Some questions I’ve seen recently online or had asked of me:
- Can you suggest an accredited homeschooling curriculum for this grade?
- Do I need an accredited program for high school in order to show colleges?
- Is accreditation important?
The answer, very plainly, is no. No, you do not need accreditation for anything. Accreditation is not important in homeschooling. Accreditation is not required in homeschooling anywhere in the United States. (The only exception I’m aware of is that I have heard that there are some countries that do require some form of accredited program for homeschoolers, including Americans living abroad.) Accreditation is not required to show colleges when you apply as a homeschooler.
In fact, I’m going to go even further. Accreditation in homeschooling is a scam. If you see a homeschool curriculum that claims it’s “accredited,” then you should probably not buy that program because they’re making a pretty dubious claim. A homeschool curriculum can be developed by an accredited school or by a credentialed teacher. However, no serious accrediting agency will give accreditation to the curriculum itself.
The other thing you should understand is even for schools, not all accreditation is equal. Anyone can start an accrediting agency. There’s not one, single method of accreditation nationwide. There are different types, intended for different types of schools. I’ve been through the accrediting process in a private school with a serious accrediting agency and I can tell you that while the process helps ensure some things about a school’s finances and that the mission statement of the school matches the type of instruction they carry out, it doesn’t ensure quality of instruction or legitimacy of methods. Even for private schools, attending an unaccredited school can be fine. It also does not prevent students from getting into good colleges.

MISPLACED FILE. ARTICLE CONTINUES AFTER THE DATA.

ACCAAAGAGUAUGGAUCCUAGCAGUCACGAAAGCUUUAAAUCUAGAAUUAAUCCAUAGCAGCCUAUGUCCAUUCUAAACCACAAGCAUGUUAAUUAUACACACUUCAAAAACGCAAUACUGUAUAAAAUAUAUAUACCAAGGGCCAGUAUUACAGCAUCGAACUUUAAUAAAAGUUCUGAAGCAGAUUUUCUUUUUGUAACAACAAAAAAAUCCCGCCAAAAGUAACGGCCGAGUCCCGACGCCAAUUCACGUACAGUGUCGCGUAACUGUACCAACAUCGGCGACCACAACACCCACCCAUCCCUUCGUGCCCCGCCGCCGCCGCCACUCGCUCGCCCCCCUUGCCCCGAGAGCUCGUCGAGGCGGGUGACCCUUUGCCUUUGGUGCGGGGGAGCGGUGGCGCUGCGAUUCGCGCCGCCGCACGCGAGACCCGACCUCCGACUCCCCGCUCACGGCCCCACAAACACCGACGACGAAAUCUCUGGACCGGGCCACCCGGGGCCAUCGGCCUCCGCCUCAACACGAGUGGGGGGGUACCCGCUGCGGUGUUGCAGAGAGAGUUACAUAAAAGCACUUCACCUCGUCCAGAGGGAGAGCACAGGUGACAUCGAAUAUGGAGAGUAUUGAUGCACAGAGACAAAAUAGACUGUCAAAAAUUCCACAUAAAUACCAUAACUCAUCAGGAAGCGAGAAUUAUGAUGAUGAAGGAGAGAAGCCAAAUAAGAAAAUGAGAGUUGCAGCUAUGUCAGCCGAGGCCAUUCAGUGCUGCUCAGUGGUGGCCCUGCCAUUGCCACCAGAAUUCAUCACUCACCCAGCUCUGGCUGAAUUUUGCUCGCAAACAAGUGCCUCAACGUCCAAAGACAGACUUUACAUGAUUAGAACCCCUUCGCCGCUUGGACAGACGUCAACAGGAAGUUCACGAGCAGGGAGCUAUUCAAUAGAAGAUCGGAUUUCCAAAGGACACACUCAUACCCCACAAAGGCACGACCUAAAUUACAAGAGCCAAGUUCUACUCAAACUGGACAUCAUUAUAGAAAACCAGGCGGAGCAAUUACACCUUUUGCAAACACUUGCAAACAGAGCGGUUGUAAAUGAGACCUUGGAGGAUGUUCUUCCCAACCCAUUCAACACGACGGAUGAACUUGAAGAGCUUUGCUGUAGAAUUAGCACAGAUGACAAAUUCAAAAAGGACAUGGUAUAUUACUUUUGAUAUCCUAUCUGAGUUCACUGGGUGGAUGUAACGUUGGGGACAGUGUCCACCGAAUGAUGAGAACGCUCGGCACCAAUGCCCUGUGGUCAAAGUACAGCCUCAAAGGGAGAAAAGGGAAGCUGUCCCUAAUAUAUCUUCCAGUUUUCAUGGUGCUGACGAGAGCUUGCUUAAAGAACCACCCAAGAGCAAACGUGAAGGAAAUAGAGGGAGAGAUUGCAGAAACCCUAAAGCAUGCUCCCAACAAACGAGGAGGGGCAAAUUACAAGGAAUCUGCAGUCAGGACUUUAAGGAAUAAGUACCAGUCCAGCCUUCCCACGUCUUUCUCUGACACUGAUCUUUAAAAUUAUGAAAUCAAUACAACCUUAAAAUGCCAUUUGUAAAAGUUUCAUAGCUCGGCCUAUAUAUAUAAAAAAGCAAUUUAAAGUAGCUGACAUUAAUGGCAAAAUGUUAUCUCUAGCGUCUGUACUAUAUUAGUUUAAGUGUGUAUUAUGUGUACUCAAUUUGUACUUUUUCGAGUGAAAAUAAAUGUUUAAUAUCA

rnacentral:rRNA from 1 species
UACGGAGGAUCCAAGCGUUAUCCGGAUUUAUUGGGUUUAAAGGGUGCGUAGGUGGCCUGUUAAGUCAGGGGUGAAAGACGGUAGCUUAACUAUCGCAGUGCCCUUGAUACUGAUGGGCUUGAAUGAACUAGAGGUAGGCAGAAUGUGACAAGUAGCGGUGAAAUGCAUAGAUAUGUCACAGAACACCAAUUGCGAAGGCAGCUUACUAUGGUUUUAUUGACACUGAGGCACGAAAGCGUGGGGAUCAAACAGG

Online programs can be accredited and there are legitimate accrediting agencies that credential them. If you are choosing an online school instead of homeschooling, you might want to consider accreditation, just like you would with a brick and mortar private school. However, again, understand that accreditation is not the only or even the primary mark of a quality program. Nor is it required by colleges.
If you are only choosing an online school for a few courses, then accreditation doesn’t need to play any role in your choice. Choose the providers that you feel are the highest quality. Sometimes, if you’re trying to fulfill a specific requirement, you need to consider other measures. For example, if you’re choosing an AP course, you want to be sure the syllabus has been approved, or if you’re choosing a lab science, you want to make sure the lab component is included. Instead of accreditation, look at the reviews of the provider and individual instructors, as well as the required textbooks and materials for a course.
It’s easy to be fooled by a claim that you don’t understand. “Accreditation” sounds important and potentially necessary. It’s nerve-wracking to head into the high school years, when you have to think about things like credits and transcripts. However, let me take this thing off your plate. It’s not something you need.